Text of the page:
Jesper Myrfors eventually refused to sell all his rights to the company. Others buckled under the pressure. As a sudden loss of income hit many artists — either from the dried-up royalties or because their opposition to the changes damaged their chances of working for the company – many suffered extreme financial woes and some even lost their homes, says Myrfors. Although time, as it is wont to do, has healed some rifts, it was a brutal introduction to the new corporate realities at Wizards for a wide-eyed generation of artists who had given their creative all for the game. “What’s done is done,” says Myrfors, who himself had left the company in 1995. He returned for a brief stint from 1998 to 2000 and maintains that whatever the business reasons given, the renegotiation of the artists’ contracts was propelled by baser instincts. “It was purely greed-driven, primarily by people who came late to the game and wanted a slice, like they deserved it,” he says. “I’m a non-believer, but I hope there’s a hell reserved just for those people.”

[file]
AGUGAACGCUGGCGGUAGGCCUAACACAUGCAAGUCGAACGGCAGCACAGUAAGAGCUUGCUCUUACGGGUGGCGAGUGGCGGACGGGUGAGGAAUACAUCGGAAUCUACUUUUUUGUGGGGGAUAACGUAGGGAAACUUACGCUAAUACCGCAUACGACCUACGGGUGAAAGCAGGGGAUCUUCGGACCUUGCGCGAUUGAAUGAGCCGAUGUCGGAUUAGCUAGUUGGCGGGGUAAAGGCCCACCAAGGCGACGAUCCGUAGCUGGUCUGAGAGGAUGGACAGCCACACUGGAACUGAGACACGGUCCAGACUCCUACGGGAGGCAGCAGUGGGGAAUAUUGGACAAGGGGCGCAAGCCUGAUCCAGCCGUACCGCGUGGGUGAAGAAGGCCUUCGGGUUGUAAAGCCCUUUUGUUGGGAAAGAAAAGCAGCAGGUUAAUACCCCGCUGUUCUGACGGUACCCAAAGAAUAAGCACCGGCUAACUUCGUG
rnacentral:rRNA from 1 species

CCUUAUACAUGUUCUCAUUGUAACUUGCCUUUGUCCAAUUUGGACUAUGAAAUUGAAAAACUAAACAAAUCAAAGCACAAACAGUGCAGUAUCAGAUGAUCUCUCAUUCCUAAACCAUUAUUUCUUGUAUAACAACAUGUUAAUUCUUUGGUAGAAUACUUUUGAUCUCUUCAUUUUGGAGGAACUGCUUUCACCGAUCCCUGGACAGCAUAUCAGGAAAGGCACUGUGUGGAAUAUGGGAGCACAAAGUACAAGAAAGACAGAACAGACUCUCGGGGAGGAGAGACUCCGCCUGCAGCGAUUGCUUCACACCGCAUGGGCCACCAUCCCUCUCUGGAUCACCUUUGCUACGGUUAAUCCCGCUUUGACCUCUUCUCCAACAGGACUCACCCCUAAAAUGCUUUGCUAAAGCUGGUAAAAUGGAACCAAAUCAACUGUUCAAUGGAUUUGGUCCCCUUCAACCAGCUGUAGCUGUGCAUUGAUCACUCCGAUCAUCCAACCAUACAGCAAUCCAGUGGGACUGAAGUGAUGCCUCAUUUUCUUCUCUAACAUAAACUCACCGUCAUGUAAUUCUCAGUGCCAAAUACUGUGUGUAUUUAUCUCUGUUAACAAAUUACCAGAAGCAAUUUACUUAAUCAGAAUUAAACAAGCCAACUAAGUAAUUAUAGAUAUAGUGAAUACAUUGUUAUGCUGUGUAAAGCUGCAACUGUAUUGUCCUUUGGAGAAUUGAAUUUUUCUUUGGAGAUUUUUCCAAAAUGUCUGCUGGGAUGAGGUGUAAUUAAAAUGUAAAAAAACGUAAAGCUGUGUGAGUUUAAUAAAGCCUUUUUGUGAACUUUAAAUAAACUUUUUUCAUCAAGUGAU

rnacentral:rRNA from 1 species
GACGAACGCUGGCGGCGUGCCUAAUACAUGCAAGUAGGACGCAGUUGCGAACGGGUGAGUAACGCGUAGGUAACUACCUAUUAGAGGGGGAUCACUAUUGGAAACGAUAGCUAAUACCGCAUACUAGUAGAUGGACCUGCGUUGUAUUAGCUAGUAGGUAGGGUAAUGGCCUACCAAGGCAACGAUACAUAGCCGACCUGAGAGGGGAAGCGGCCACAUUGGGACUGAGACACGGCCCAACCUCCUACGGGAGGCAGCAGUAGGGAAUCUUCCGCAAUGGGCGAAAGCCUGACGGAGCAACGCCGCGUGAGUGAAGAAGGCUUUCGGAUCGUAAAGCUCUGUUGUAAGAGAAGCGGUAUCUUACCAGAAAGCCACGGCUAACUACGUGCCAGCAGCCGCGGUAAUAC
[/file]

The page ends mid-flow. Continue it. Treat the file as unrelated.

Inevitably, the paroxysms in the Wizards’ art department were the herald of greater change. The argument made against the royalties system was that it would impede the search for a buyer for the high-flying company. And the hunt for someone to snap up the industry leader was very much on – by 1997, the company had hit revenues of approximately $125 million a year and had even made a hugely symbolic acquisition with the purchase of the ailing company TSR, the publishers of Dungeons & Dragons. With the role-playing game that had inspired the generation of gamers behind Magic on life-support and rescued by the company whose new gaming form had completely outstripped it, there was simply no bigger brand than Wizards in the market. The time was ripe to cash in on the startling growth, even as Magic’s first-to-market advantage began to recede and a new wave of card games prepared to ~ if not steal – rival, its thunder.